Click Add above the device list and then choose PCI Device

Windows VM Add PCI Device

Open the Device dropdown and select the GPU, which you can find using it’s PCI address. This list uses a different format for the PCI addresses id, 01:00.0 is listed as 0000:01:00.0.

Add GPU to VM

Select All Functions, ROM-Bar, Primary GPU, PCI-Express and then click Add.

Windows VM GPU PCI Settings

The Windows Virtual Machine Proxmox Setting should look like this:

Windows VM GPU Hardware Settings

Power on the Windows Virtual Machine.

Connect to the VM via Remote Desktop (RDP) or any other remote access protocol you prefer. Install the latest version of GPU Driver for your GPU.

If all when well you should see the following output in Device Manager and GPU-Z:

GPU-Z and Device Manager GPU

That's it!

Linux Virtual Machine GPU Passthrough Configuration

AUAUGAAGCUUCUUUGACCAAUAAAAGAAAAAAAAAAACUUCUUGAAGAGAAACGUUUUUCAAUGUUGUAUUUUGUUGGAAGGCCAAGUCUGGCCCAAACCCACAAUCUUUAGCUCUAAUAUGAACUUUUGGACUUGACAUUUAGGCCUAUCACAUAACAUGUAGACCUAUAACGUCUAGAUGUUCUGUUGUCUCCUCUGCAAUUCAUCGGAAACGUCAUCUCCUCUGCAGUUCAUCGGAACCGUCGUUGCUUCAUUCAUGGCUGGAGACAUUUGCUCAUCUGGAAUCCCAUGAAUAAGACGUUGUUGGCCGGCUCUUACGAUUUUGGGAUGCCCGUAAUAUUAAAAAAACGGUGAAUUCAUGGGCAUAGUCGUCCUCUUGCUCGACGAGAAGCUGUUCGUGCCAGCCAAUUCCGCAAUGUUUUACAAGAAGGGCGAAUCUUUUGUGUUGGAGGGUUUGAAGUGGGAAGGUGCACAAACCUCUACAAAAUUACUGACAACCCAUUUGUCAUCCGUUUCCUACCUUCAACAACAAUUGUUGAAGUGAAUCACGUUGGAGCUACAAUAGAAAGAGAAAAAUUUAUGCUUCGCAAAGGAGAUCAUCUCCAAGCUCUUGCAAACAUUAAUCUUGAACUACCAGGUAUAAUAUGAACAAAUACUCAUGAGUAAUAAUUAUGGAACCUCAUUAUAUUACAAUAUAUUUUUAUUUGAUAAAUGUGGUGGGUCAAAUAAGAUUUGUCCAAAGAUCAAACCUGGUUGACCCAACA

We will be using Ubuntu Server 20.04 LTS. for this guide.

From Proxmox Terminal find the PCI address of the GPU.

lspci -nnv | grep VGA

This should result in output similar to this:

01:00.0 VGA compatible controller [0300]: NVIDIA Corporation TU104 [GeForce RTX 2080 SUPER] [10de:1e81] (rev a1) (prog-if 00 [VGA controller])

If you have multiple VGA, look for the one that has the Intel in the name. Here, the PCI address of the GPU is 01:00.0.

lspci-nnv-vga

For best performance the VM should be configured the Machine type to q35.
This will allow the VM to utilize PCI-Express passthrough.

Ubuntu VM Add PCI Device

Open the Device dropdown and select the GPU, which you can find using it’s PCI address. This list uses a different format for the PCI addresses id, 01:00.0 is listed as 0000:01:00.0.

Add GPU to VM

Select All Functions, ROM-Bar, PCI-Epress and then click Add.

Ubuntu VM GPU PCI Settings

The Ubuntu Virtual Machine Proxmox Setting should look like this:

Ubuntu VM GPU Hardware Settings